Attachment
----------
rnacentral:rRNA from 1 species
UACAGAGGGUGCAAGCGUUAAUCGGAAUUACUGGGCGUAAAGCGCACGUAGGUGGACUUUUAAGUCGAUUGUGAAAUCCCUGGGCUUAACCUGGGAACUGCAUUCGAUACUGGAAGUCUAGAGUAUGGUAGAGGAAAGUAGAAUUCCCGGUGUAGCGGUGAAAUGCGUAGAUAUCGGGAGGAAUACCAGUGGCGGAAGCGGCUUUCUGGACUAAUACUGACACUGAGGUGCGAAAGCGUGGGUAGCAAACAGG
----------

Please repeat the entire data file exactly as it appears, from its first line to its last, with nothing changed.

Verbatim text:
rnacentral:rRNA from 1 species
UACAGAGGGUGCAAGCGUUAAUCGGAAUUACUGGGCGUAAAGCGCACGUAGGUGGACUUUUAAGUCGAUUGUGAAAUCCCUGGGCUUAACCUGGGAACUGCAUUCGAUACUGGAAGUCUAGAGUAUGGUAGAGGAAAGUAGAAUUCCCGGUGUAGCGGUGAAAUGCGUAGAUAUCGGGAGGAAUACCAGUGGCGGAAGCGGCUUUCUGGACUAAUACUGACACUGAGGUGCGAAAGCGUGGGUAGCAAACAGG